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Chinese >Superstar Asian Cafe
I prefer dim sum to breakfast cereal anyday. I'm a novice in a dim sum restaurant having only been to King's Land across the parking lot a few years ago. As soon as I was seated at the last table available on a Monday at 1pm, the ladies started coming to me with the carts. I wasn't sure if I would get one piece from the bamboo basket, so pointed to several. I ended up with enough left over for dinner tonight because each basket came with 3 or 4 pieces. Each was better than the other. The ladies were aggressive pushing their food just like in China, so be careful. The scallop dim sum was the best and most expensive : 3 for $3.85. The others, a meatball and the haw gaw came with 4 pieces and was $2.85 each. I also had a pork dumpling which had hardly any pork mixture and an egg roll with fake crab which came with mayo? and only so-so. My bill with tip was $18.20, but I have a leftover meal and all in all, the food was extraordinary. I know this dumpy shopping center is always in peril, but we cant let WalMart or Lowe's have it.
Smaller portions than King's Land, but tastier. Like Lisalee, I am of Asian decent, from LA, with a childhood that regularly consisted of dim sum on Sundays. I can even remember when Chinatown was flourishing, before it "collapsed" due to many authentic Chinese restaurants opening out in the suburbs, leaving little room to spend a whole Sunday driving to LA, then waiting an hour and a half for a table. When I lived in NYC for a while, I could never get used to the shared seating, so we barely went. When we moved here 9 years ago, Westword recommended Empress, but it was highly disappointing (any dim sum place that has a picture menu, rather than carts milling about is automatically written off my list). Thankfully, we found King's Land, which we visited regularly for a couple of years. We didn't know Super Star Asian had opened in the same shopping center until a Taiwanese friend told us how authentic it was. She was right. The portions are smaller and more expensive than King's Land, but we could never order/try as much as we do at Super Star Asian b/c of it. Servers are definitely much more personable than those at King's Land. The only thing I don't like at Super Star is that there's a lot more sugar in their baked and steamed Char Siao Bao (bbq pork buns) - so much that I'd prefer to skip it. Otherwise, all the dumplings are steamed perfectly, not oily; the egg custards are always perfectly crispy, not soggy on the bottom; the eggplant with fish cake and black bean sauce is a must-order when I go there (never had it anywhere else). What's nice is if you go during the week when there's not nearly as many options on offer, they'll make it for you if you ask. That would never happen at King's Land (where the food is cold during the weekday lunches). We make sure to either go during the week, or arrive just as it opens on Sundays. The food might start coming out at 10am, but the real variety starts at 10:30am. Also, the place really does fill up by 11am.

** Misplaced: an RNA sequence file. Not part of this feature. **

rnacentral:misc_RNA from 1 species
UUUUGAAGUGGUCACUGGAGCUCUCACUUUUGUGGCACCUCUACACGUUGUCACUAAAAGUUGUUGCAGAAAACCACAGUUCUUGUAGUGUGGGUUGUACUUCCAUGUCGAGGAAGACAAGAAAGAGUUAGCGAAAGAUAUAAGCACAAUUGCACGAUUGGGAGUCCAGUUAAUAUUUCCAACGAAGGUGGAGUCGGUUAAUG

Pretty good, crowded. Its pretty good. I've had better in Metropolitan Chinatowns. I'd say get there early on the weekends or wait til after 2pm because you will wait 30min to an hour. Only thing after 2pm, they stop coming around as often and the dishes seem limited to whatever they are trying to get rid of. You can order something from the dim sum menu and i think they will make it. You prob wouldn't have to wait so long, if people actually ate and got the hell out. I think asian families spend hours socializing and slowly eating. Which is cool, but be considerate and let the rest get some dim sum. I order a ton of stuff everytime the cart comes and eat all at a good pace. Also they table arangements are stupid becuase The menu seems to vary slightly. The first time I went I had this buttery pastry w/ bbq inside, and i havent seen it since. it was the best item, so i dont know whats up. it was like 5 dollars though. u can get some stuff for 2 dollars. So pay attention if you are cheap. They also have beer, i usually get a henieken. it goes well w/ most of the light sweet flavors. All in all, I do enjoy it, but beware of bad drivers in that parking lot.